Tuesday, October 17, 2006

Self-Improvement: Taiji & The Art Of Delegation

ONCE and for all, I would like to stop the cultural misuse of the word "taiji" when it is used synonymously with "delegation", and reframe it in a positive light.

Throughout Singapore, executives proudly stand up and say: "Yes, we know how to delegate: 'Taiji it!'" They then proceed to make a pushing gesture with their hands followed by laughter. The joke is harmless enough, and the laughing reveals perhaps a deeper knowledge that this is not the way to delegate.

You do not "push" things off to others. This is both personally irresponsible and disastrous for an organisation .

Pushing things off is half the equation. In taiji, all movements are performed in a circular manner.
After you push, the hands circle back to you. The motion only ends when the circle is completed. Any task you delegate does not disappear. It comes back to you.

So I say, yes, "taiji it!" The taiji process makes for an intelligent form of delegation. It sets something in motion, which then circles back to you completed. It is a continuous dynamic process that encourages personal responsibility.

Wise delegation is integral to transforming your work overload into a sustainable workload, managing your time better and encouraging your employees to develop their potential.

It makes the difference between being an effective or ineffective human resource manager. At the heart of delegation lie the issues of time and trust.

Delegate to manage your time

Delegation is essential to time . management. The amount of hours managers work each week has been steadily increasing over the past decade.

It is essential to find a way to effectively distribute your workload to your staff and col­leagues. lf you feel that a par­ticular task will not get done unless you do it yourself, you are definitely on the road to burnout.

To avoid potential stress­related illness, it is best to examine each task you do and ask yourself the following questions:
· Do I need to do this?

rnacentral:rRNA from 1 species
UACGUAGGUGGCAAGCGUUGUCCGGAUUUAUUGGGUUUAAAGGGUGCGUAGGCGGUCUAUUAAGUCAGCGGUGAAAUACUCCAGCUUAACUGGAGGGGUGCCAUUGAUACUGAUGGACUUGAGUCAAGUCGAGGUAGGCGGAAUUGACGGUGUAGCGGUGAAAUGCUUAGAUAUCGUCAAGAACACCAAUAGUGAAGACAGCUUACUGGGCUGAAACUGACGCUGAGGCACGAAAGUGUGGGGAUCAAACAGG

· Who else could do it? and
· Who would be best at doing it?

Be ruthless. Analyse the necessity of your presence at each scheduled meeting. Monitor the interruptions that prevent you from completing your work in the time you want. Make an appointment with yourself. Close your door and do not take phone calls for an hour to do your important planning.

After a recent coaching ses­sion, an executive sched­uled in an hour and a half of planning time in a quiet place near his office. For the first tinle in five years, he had uninter­rupted planning time during his normal working hours.

By managing your workload through effective delegation, you clear your backlog and can see more clearly into the future. You can move through the day at a less hectic pace and with less urgency in your actions. You become more centred. You are planting seeds now in a more stable ground.

This is also an essential ele­ment of taiji. The basic stand­ing position is balanced solidly on your two feet and centred in the tan tien, the point of power just below your navel.

A centred, grounded man­ager delegating from this point of strength is "in control" but not needing to control. Controlling involves tension, suspicion and pushing, and displays a lack of trust. Being in control, on the other hand, involves an alert and trusting attitude.

Delegation needs trust

Trust in your staff is a critical skill to develop in these times of constant change. It is a skill that must be honed and de­veloped through practice and experience. Delegating mean­ingful and challenging tasks to your staff will give them a chance to grow by encouraging them to take personal responsi­bility for what they do.

You also need to be trust­worthy. By giving them em­powerment to make important
decisions, you show your support. You stand behind them solidly by being there when they need you.

Taiji movements are repeated over and over until you are no lon­ger doing the movement: The move­ment is doing you. You get into a flow, and time disappears in the presence of being.
If you get a flow of your staff in motion, taking personal responsibility for their actions, you will find an im­mediate increase in productivity, staff morale and better communication.

Delegating involves navigating
You navigate through your myriad projects and key responsibilities, selecting those that can travel through your gate to another ap­propriate dock.

Letting go of some of your bag­gage creates a lighter load for you. Just beware that you do not" dump" your load. Lighten your load while brightening up someone else's.

Delegating provides an oppor­tunity on both sides, a chance to simultaneously reduce your work­load and give your employees a challenge. It can restore harmony in an unbalanced workplace. So, taiji it!

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